Reports: Oregon LNG drops plans for export terminal project

Reports out of Oregon on April 15 said that Oregon LNG has dropped its liquefied natural gas (LNG) export project after running into stiff local opposition and problems getting needed permits for the project from local governments.

The LNG export terminal was to be located at the mouth of the Columbia River in Warrenton. Warrenton Mayor Mark Kujala told local media that an Oregon LNG official told him the company’s decision to withdraw from the project was “a funding decision.”

Concerns over the project’s potential to harm Warrenton’s fishing industry and environment had sparked protests. “It didn’t have a lot of public support, I’ll put it that way,” Warrenton City Commissioner Henry Balensifer III said April 15.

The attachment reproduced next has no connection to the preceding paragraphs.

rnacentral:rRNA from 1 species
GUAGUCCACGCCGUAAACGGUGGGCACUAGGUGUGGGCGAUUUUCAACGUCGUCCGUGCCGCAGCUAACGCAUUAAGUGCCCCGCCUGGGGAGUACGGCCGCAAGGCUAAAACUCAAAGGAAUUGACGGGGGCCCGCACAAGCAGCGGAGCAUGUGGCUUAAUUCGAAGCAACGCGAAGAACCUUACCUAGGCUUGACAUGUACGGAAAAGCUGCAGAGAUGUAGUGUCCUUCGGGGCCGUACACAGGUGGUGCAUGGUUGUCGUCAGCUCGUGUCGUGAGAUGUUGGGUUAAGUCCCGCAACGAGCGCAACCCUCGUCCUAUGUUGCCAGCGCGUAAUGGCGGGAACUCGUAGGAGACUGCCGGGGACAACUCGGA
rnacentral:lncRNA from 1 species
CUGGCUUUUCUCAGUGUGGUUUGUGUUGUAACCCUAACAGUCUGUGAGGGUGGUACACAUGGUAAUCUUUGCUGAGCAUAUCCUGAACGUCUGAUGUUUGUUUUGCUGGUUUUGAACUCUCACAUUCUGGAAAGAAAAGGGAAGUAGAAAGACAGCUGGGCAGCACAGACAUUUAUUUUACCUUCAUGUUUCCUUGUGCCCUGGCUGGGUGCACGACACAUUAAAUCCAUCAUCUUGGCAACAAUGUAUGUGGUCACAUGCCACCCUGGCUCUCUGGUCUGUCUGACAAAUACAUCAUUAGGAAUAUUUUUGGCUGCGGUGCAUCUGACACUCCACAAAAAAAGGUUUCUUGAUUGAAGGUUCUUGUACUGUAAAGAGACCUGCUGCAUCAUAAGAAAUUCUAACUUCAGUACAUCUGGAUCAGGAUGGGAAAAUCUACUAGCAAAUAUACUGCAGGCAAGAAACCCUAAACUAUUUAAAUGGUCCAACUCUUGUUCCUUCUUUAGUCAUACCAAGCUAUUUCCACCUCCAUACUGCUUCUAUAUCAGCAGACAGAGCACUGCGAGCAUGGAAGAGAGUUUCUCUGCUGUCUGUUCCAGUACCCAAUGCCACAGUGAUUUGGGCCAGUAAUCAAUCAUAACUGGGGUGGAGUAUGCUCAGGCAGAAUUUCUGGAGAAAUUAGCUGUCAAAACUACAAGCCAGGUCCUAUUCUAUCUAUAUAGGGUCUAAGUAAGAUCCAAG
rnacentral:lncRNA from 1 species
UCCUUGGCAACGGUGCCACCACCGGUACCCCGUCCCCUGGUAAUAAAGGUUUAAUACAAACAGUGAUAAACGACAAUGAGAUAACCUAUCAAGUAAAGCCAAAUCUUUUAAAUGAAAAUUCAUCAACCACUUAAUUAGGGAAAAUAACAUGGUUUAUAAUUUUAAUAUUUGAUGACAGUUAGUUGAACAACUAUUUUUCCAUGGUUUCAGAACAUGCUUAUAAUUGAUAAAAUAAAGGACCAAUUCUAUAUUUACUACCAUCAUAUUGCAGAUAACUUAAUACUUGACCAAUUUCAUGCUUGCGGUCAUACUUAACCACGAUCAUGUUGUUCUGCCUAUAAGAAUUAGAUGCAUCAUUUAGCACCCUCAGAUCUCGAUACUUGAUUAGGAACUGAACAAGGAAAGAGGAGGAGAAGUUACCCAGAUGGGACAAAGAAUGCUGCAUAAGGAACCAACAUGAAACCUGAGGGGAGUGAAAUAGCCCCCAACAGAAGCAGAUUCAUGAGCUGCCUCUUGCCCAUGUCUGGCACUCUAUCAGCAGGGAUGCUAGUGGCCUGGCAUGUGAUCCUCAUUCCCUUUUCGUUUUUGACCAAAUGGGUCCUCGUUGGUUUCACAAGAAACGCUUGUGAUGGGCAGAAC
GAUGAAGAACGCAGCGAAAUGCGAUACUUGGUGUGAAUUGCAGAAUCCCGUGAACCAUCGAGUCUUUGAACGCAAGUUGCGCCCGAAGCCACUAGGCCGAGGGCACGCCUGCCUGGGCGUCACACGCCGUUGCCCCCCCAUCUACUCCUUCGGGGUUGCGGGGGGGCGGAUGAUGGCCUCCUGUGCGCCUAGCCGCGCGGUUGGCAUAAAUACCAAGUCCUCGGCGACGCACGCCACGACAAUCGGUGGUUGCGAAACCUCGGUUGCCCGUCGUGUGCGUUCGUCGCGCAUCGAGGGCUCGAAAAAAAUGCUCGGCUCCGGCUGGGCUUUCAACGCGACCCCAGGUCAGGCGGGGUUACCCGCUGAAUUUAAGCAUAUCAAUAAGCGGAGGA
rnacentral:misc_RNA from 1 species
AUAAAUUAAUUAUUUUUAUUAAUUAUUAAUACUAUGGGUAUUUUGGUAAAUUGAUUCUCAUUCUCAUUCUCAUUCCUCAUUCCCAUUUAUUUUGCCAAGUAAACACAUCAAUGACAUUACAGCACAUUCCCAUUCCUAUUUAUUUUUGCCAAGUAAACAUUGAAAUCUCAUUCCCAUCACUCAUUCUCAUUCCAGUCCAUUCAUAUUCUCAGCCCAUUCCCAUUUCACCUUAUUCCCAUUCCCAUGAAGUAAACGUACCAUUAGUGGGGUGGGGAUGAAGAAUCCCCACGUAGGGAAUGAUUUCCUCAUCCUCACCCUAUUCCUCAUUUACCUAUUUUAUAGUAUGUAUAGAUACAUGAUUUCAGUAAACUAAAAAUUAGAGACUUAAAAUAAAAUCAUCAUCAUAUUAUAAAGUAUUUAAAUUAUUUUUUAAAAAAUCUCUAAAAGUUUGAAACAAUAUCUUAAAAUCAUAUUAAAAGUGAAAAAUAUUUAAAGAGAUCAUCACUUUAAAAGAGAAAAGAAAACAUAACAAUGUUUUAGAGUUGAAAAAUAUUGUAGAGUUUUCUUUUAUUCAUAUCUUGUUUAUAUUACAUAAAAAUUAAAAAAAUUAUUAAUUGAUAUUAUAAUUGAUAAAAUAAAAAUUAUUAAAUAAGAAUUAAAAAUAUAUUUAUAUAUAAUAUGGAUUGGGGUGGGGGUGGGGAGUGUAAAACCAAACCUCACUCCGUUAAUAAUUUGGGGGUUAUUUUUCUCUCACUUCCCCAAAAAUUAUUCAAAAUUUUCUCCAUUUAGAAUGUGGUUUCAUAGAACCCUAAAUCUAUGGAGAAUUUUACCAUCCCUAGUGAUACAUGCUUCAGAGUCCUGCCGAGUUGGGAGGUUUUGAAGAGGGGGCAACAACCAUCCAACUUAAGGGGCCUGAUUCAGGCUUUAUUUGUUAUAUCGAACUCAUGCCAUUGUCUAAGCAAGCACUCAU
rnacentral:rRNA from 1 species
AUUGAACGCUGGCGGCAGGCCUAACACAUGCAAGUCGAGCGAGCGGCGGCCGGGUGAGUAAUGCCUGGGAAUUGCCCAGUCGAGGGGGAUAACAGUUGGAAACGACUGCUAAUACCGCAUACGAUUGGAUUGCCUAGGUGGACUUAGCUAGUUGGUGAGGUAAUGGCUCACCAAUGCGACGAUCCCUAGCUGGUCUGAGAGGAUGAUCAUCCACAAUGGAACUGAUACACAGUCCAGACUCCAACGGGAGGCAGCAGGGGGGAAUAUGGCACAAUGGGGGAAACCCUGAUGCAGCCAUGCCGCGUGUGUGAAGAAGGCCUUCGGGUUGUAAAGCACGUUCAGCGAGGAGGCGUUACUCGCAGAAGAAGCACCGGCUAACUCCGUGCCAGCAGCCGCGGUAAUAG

Oregon LNG has also planned an 87-mile pipeline would have shuttled Canadian natural gas from Woodland, Wash., to the Warrenton LNG terminal.

U.S. Sen. Ron Wyden, D-Oregon, said in a statement: “I shared the concerns that the Oregon LNG project would have had negative environmental and economic impacts, and I am relieved that local voices prevailed.”

The Sierra Club said in an April 15 statement that it had opposed this $6 billion project, including intervening in FERC proceedings and requesting that the pipeline and terminal applications be denied. The Director of the Sierra Club’s Beyond Dirty Fuels campaign Lena Moffitt said: “Dirty fuel infrastructure projects will only increase drilling and fracking, polluting our communities and environment, and furthering climate disruption.”

About Barry Cassell 20414 Articles
Barry Cassell is Chief Analyst for GenerationHub covering coal and emission controls issues, projects and policy. He has covered the coal and power generation industry for more than 24 years, beginning in November 2011 at GenerationHub and prior to that as editor of SNL Energy’s Coal Report. He was formerly with Coal Outlook for 15 years as the publication’s editor and contributing writer, and prior to that he was editor of Coal & Synfuels Technology and associate editor of The Energy Report. He has a bachelor’s degree from Central Michigan University.